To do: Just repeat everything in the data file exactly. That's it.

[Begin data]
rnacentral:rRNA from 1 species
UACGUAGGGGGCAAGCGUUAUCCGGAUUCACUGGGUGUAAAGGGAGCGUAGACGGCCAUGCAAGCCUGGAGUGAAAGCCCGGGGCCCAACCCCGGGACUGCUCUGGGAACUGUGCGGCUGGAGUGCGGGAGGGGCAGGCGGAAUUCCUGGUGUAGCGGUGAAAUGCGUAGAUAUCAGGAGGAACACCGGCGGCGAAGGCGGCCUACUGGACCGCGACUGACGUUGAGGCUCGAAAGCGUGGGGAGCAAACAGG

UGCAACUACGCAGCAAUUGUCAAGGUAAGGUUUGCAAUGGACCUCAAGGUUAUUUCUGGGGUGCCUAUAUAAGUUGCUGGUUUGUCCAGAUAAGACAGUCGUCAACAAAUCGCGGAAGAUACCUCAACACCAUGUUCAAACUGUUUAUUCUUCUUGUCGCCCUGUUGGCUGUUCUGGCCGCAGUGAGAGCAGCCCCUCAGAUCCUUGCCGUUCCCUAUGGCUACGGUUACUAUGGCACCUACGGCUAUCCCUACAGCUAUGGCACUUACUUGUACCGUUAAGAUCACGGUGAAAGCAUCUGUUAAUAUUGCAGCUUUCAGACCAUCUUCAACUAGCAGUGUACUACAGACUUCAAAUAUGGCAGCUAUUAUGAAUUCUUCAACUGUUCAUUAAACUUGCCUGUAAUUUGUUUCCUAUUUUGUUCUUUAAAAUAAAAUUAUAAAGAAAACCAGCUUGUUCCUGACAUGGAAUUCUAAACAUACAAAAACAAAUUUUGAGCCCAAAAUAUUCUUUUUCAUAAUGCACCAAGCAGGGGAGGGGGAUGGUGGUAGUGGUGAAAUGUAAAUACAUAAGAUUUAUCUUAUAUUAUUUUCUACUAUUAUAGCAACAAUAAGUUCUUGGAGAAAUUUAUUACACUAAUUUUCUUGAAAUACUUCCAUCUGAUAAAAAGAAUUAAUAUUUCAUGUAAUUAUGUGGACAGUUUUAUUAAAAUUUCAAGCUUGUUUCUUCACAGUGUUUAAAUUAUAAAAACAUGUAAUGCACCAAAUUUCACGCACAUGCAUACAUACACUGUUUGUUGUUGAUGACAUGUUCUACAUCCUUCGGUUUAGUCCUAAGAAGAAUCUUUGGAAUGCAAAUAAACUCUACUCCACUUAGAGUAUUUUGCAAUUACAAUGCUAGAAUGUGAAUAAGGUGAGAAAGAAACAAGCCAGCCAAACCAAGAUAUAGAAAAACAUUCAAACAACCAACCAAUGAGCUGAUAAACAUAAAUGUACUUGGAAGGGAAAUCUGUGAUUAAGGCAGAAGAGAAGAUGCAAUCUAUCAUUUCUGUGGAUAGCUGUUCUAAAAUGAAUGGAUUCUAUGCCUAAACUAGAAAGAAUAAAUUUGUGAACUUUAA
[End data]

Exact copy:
rnacentral:rRNA from 1 species
UACGUAGGGGGCAAGCGUUAUCCGGAUUCACUGGGUGUAAAGGGAGCGUAGACGGCCAUGCAAGCCUGGAGUGAAAGCCCGGGGCCCAACCCCGGGACUGCUCUGGGAACUGUGCGGCUGGAGUGCGGGAGGGGCAGGCGGAAUUCCUGGUGUAGCGGUGAAAUGCGUAGAUAUCAGGAGGAACACCGGCGGCGAAGGCGGCCUACUGGACCGCGACUGACGUUGAGGCUCGAAAGCGUGGGGAGCAAACAGG

UGCAACUACGCAGCAAUUGUCAAGGUAAGGUUUGCAAUGGACCUCAAGGUUAUUUCUGGGGUGCCUAUAUAAGUUGCUGGUUUGUCCAGAUAAGACAGUCGUCAACAAAUCGCGGAAGAUACCUCAACACCAUGUUCAAACUGUUUAUUCUUCUUGUCGCCCUGUUGGCUGUUCUGGCCGCAGUGAGAGCAGCCCCUCAGAUCCUUGCCGUUCCCUAUGGCUACGGUUACUAUGGCACCUACGGCUAUCCCUACAGCUAUGGCACUUACUUGUACCGUUAAGAUCACGGUGAAAGCAUCUGUUAAUAUUGCAGCUUUCAGACCAUCUUCAACUAGCAGUGUACUACAGACUUCAAAUAUGGCAGCUAUUAUGAAUUCUUCAACUGUUCAUUAAACUUGCCUGUAAUUUGUUUCCUAUUUUGUUCUUUAAAAUAAAAUUAUAAAGAAAACCAGCUUGUUCCUGACAUGGAAUUCUAAACAUACAAAAACAAAUUUUGAGCCCAAAAUAUUCUUUUUCAUAAUGCACCAAGCAGGGGAGGGGGAUGGUGGUAGUGGUGAAAUGUAAAUACAUAAGAUUUAUCUUAUAUUAUUUUCUACUAUUAUAGCAACAAUAAGUUCUUGGAGAAAUUUAUUACACUAAUUUUCUUGAAAUACUUCCAUCUGAUAAAAAGAAUUAAUAUUUCAUGUAAUUAUGUGGACAGUUUUAUUAAAAUUUCAAGCUUGUUUCUUCACAGUGUUUAAAUUAUAAAAACAUGUAAUGCACCAAAUUUCACGCACAUGCAUACAUACACUGUUUGUUGUUGAUGACAUGUUCUACAUCCUUCGGUUUAGUCCUAAGAAGAAUCUUUGGAAUGCAAAUAAACUCUACUCCACUUAGAGUAUUUUGCAAUUACAAUGCUAGAAUGUGAAUAAGGUGAGAAAGAAACAAGCCAGCCAAACCAAGAUAUAGAAAAACAUUCAAACAACCAACCAAUGAGCUGAUAAACAUAAAUGUACUUGGAAGGGAAAUCUGUGAUUAAGGCAGAAGAGAAGAUGCAAUCUAUCAUUUCUGUGGAUAGCUGUUCUAAAAUGAAUGGAUUCUAUGCCUAAACUAGAAAGAAUAAAUUUGUGAACUUUAA